The governing body has indicated it will enforce rules on “uniform stadium design” during Euro 2020
UEFA opposes Germany’s plan of illuminating the outside of Allianz Arena with rainbow lighting on Wednesday for the game against Hungary, a DFB spokesman has said, meaning Die Mannschaft might not be able to show support for the LGBT+ community.
There have been allegations of anti-LGBT+ banners being displayed in Budapest earlier in Euro 2020, and Hungary has just passed legislation banning schools from disseminating content deemed to promote homosexuality and gender change.
Despite local support in Germany for showing solidarity towards LGBT+ people, UEFA intends to enforce a “uniform stadium design” policy to prohibit rainbow lighting.
What has been said?
“UEFA specifies a uniform stadium design,” said DFB spokesman Jens Grittner to Bild. “And there are good reasons to live this uniform stadium design. Maybe you don’t necessarily have to fix the lights on Wednesday matchday.”
Rather than shine rainbow lights at Allianz Arena on matchday, Germany may be forced to do so on June 28 when no competition is scheduled.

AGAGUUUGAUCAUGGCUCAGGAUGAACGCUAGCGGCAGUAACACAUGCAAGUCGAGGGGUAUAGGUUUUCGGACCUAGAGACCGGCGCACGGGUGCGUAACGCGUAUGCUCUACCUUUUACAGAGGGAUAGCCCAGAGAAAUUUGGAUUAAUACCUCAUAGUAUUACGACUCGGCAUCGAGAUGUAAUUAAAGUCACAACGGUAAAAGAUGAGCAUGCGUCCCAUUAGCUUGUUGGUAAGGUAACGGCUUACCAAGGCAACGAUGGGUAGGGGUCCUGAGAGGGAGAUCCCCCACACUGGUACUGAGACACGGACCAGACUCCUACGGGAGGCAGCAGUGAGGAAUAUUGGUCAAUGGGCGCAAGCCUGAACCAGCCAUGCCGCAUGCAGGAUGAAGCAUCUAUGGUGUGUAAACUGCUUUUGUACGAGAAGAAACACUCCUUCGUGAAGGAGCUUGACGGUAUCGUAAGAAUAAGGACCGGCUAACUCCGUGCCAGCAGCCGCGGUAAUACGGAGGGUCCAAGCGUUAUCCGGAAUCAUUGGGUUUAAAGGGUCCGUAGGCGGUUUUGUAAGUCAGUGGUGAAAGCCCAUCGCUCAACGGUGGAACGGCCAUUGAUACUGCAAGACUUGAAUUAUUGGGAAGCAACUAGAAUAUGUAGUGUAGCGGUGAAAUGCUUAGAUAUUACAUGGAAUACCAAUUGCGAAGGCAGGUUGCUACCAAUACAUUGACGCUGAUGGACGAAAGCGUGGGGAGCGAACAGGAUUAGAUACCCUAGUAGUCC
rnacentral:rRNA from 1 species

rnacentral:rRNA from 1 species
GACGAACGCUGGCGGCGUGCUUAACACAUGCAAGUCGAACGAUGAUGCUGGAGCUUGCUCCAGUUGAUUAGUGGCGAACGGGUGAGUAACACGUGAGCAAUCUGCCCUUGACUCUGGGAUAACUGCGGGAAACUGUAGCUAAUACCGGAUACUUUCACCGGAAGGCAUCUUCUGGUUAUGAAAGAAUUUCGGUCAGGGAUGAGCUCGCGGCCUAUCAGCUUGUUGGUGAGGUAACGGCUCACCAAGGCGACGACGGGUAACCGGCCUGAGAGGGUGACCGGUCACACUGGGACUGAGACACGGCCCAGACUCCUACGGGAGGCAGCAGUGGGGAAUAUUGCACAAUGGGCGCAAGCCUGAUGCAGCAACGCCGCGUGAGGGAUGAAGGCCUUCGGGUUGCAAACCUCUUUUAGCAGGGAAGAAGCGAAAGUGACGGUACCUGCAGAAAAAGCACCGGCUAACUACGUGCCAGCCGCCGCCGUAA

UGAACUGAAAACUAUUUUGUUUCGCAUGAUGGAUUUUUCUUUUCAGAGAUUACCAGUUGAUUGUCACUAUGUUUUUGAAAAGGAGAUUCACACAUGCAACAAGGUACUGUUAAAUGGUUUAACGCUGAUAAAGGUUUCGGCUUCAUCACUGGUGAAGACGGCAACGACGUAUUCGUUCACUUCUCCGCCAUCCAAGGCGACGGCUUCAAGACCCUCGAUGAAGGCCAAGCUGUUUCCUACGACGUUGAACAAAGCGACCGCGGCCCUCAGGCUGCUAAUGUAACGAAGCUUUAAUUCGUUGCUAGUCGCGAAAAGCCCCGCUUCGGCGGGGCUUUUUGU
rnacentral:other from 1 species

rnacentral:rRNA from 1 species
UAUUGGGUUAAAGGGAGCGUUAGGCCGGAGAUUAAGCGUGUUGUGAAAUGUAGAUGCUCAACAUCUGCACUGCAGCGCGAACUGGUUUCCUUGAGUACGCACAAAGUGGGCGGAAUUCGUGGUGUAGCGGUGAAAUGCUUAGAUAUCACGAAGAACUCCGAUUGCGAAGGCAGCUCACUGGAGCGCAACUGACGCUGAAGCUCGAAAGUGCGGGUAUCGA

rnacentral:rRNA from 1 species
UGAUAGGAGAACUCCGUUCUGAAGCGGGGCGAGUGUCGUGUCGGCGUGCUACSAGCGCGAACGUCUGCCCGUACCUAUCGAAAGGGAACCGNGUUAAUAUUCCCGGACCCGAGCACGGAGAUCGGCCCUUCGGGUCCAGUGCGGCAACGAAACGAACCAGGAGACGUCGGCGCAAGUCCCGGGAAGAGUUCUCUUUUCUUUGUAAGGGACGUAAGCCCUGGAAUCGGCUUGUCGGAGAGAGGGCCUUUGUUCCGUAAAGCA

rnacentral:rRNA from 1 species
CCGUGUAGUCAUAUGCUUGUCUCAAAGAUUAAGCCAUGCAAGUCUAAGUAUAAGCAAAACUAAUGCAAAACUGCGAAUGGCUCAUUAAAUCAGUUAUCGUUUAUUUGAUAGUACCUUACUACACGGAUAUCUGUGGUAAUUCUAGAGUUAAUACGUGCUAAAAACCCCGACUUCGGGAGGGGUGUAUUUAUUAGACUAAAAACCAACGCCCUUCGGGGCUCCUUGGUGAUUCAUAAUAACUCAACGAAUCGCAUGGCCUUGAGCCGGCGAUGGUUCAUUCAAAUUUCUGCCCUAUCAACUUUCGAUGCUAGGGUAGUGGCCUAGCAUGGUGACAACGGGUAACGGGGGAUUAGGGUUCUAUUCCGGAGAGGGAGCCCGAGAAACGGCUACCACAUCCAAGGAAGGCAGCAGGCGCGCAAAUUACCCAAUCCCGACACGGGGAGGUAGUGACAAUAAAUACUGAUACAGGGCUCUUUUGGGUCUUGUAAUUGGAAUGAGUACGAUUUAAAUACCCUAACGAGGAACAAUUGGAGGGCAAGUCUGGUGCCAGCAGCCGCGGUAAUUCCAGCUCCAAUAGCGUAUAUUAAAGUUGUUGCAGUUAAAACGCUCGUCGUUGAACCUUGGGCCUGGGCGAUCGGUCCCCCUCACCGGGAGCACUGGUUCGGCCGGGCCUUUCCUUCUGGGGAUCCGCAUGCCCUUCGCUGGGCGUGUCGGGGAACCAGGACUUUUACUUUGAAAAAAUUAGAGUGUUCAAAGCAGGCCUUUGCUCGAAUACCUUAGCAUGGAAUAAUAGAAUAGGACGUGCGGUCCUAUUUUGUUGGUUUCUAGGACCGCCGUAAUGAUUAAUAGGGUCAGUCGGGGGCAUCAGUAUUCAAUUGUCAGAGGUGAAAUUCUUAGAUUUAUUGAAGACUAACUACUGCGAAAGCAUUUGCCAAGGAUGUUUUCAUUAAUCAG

But the goverment in Munich has considered flying rainbow flags elsewhere in the city regardless of UEFA’s final stadium decision.
German midfielder Leon Goretzka was among the many members of his national team to back the LGBT+ symbolism this week.
“It would be completely absurd if we had to apologise for it because it is absolutely clear what that stands for,” Goretzka said. “We as a football world want to counter racism and homophobia with diversity.”
The Allianz Arena situation comes just after UEFA had initially started an investigation in Manuel Neuer’s rainbow armband that he has worn at Euro 2020.
Amid pressure, the governing body relented and has dropped the probe, explaining “the armband has been assessed as a team symbol for diversity and thus for a ‘good cause’.”